Dog walking in list of everyday activities that ‘increase’ coronavirus risk, study finds

The study found dog walking increased the risk of getting coronavirus (file photo) (Image: Getty Images/iStockphoto)

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Dog walking and home deliveries are among the everyday activities which increase the risk of contracting coronavirus, according to a study.

The study, published in the Environmental Research journal, by the University of Granada and the Andalusian School of Public Health looked at the main risk factors of coronavirus transmission during the first national lockdown in Spain.

Dog walking was said to have increased the risk of getting Covid-19 by 78% during the period studied, March to May.

Supermarket home deliveries increased the risk by 94%, according to the research.

And the risk if someone else in a person's household tested positive for the coronavirus was 60 times higher, the study found.

Working outside of the home was said to increase the risk by 76% and using public transport also made infection more likely.

Dog walking was said to have increased the risk of getting Covid-19 by 78% during the period studied (file photo)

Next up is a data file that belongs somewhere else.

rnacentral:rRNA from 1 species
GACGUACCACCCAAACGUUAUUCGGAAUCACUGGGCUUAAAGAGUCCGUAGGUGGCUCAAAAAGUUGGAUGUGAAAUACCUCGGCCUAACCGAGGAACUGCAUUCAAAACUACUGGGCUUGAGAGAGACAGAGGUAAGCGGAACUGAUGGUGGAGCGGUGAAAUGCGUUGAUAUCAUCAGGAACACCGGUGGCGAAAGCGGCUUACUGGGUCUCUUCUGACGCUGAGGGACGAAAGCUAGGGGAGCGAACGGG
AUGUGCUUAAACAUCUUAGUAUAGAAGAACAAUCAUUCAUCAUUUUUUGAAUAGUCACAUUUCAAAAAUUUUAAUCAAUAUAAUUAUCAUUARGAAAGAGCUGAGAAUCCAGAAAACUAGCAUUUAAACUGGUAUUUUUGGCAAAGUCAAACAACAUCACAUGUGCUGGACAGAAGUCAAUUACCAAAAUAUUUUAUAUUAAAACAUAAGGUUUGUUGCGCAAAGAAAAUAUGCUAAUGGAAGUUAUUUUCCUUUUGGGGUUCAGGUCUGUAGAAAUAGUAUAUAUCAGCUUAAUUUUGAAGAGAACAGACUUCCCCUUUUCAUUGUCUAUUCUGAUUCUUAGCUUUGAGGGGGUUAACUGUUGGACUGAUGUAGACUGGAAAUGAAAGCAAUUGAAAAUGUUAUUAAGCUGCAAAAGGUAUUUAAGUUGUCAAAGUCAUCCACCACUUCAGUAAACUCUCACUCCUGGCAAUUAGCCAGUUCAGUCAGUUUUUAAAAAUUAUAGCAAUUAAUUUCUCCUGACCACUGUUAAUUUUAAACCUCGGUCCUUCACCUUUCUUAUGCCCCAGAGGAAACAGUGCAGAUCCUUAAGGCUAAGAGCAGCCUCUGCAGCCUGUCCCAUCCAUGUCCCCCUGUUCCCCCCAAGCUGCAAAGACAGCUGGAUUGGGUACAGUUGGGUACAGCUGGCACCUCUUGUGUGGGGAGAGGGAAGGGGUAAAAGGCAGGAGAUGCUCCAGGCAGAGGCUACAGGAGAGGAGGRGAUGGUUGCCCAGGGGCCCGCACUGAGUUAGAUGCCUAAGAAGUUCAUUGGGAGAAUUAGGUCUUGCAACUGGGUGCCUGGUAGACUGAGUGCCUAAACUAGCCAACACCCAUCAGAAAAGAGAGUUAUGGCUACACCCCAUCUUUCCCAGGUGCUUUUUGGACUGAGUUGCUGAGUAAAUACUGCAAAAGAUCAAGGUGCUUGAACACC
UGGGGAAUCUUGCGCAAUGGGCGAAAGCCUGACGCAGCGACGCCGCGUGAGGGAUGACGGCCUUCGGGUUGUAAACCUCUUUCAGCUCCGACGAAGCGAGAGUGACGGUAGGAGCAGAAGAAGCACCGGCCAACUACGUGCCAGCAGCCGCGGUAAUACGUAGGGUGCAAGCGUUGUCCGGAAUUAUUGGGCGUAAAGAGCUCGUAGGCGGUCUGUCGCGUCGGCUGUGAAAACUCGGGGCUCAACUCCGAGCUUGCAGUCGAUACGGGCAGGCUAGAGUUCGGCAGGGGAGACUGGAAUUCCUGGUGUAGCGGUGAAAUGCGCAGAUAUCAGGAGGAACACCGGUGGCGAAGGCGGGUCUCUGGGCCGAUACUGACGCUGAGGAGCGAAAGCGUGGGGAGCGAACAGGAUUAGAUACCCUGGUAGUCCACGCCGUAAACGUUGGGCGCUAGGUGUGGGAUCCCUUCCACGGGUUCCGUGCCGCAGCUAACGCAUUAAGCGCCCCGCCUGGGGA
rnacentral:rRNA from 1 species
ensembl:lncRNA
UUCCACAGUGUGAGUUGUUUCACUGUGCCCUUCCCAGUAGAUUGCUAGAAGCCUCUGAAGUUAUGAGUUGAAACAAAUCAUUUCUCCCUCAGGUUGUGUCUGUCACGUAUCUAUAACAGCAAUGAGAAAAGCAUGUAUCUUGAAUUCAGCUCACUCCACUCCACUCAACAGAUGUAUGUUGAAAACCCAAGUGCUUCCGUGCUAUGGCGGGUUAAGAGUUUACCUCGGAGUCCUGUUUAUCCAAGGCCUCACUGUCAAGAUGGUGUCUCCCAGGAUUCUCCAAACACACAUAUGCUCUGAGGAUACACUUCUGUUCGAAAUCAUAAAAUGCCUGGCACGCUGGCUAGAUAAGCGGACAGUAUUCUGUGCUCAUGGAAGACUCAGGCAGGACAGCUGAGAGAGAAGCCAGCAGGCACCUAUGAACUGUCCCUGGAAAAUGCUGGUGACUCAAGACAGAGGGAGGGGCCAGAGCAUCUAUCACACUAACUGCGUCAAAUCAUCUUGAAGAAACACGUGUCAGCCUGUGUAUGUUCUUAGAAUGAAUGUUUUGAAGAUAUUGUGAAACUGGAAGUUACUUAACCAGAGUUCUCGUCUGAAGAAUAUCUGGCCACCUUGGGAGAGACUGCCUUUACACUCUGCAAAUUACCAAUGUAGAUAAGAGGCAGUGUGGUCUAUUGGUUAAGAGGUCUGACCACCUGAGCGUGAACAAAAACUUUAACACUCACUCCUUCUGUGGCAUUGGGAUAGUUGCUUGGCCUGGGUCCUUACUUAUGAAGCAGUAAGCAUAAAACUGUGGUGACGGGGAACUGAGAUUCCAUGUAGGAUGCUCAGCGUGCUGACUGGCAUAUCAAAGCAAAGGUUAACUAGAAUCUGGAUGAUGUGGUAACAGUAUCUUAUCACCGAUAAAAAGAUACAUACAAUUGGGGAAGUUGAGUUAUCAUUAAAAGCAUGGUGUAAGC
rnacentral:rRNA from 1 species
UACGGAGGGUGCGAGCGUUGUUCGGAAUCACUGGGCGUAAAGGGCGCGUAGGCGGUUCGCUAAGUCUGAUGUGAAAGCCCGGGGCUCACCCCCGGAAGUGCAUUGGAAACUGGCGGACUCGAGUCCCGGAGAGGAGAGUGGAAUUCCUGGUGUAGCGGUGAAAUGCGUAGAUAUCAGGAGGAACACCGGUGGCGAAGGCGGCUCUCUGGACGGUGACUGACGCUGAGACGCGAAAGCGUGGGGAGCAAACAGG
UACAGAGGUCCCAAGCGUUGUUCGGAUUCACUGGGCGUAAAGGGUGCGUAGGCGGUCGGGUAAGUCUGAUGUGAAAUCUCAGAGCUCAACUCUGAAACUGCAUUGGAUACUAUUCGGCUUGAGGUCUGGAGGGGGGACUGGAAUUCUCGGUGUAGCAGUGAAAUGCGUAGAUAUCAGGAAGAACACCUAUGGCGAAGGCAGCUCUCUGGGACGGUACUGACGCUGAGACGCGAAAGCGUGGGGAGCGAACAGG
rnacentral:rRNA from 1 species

(Image: Getty Images/iStockphoto)

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Sánchez González said in the report: "The results of our research warn of increased contagion among dog-owners, and the reason for this higher prevalence has yet to be elucidated.

"Taking into account the current scarcity of resources to carry out the diagnosis of SARS-CoV-2 in humans, the possibility of diagnosis in dogs is extremely unlikely."

The authors added: "From a scientific point of view, there is no justification for children’s playgrounds being closed to prevent infections while parks where dogs are walked are allowed to remain open, when there are numerous objects there that can act as vehicles for SARS-CoV-2."

Supermarket home deliveries increased the risk by 94%, the research found (file photo)
(Image: Getty Images)

The scientists warned dog walkers to take extreme hygiene measures and said it remained unclear as to whether dogs could transmit the virus directly or if they were indirect 'vehicles' that picked it up from objects and surfaces.

A sample of 2,086 individuals was used for the study and 41% of those who took part were aged between 40 and 54.

The scientists claimed disinfecting products bought from a supermarket could reduced the risk of the disease by 94%.

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